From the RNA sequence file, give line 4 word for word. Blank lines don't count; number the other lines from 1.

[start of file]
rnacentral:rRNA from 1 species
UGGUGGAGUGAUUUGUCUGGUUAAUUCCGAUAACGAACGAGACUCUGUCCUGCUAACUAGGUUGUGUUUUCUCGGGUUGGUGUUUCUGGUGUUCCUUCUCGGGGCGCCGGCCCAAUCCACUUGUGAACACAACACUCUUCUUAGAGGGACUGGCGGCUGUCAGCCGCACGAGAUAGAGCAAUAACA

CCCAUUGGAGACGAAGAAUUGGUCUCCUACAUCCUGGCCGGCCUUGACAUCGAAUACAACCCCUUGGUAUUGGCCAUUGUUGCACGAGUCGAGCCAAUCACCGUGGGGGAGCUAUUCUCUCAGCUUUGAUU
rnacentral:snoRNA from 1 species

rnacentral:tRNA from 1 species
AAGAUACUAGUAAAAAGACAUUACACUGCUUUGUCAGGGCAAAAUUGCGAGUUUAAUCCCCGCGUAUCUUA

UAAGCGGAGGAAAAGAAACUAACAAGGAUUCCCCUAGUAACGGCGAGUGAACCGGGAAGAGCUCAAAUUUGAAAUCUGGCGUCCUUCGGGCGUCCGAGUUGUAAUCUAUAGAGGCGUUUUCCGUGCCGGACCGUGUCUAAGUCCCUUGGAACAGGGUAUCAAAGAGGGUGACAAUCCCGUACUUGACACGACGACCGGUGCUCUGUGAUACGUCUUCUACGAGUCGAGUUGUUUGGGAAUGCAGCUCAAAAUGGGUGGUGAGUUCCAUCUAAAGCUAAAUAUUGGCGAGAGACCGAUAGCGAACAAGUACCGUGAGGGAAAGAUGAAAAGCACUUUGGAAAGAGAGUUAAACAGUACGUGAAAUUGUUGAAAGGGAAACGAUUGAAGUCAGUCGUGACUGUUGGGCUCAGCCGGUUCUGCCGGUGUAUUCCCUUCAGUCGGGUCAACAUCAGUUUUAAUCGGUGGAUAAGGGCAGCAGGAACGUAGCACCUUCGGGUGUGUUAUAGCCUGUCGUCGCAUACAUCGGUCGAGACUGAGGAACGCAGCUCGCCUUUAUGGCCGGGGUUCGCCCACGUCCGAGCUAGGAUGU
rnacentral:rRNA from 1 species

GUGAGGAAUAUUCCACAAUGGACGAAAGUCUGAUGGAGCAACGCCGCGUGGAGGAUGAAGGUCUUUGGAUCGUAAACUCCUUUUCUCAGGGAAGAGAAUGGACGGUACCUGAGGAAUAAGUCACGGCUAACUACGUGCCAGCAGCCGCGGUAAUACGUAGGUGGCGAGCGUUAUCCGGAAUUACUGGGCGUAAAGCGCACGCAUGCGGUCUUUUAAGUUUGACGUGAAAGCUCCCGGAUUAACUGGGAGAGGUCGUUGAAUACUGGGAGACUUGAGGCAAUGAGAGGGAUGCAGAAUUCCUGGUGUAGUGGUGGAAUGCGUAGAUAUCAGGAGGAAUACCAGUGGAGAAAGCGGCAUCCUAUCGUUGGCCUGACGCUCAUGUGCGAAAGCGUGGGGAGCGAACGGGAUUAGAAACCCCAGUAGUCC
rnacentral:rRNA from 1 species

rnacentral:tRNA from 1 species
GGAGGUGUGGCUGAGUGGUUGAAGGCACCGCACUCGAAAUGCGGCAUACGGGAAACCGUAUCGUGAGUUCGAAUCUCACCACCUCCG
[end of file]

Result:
rnacentral:snoRNA from 1 species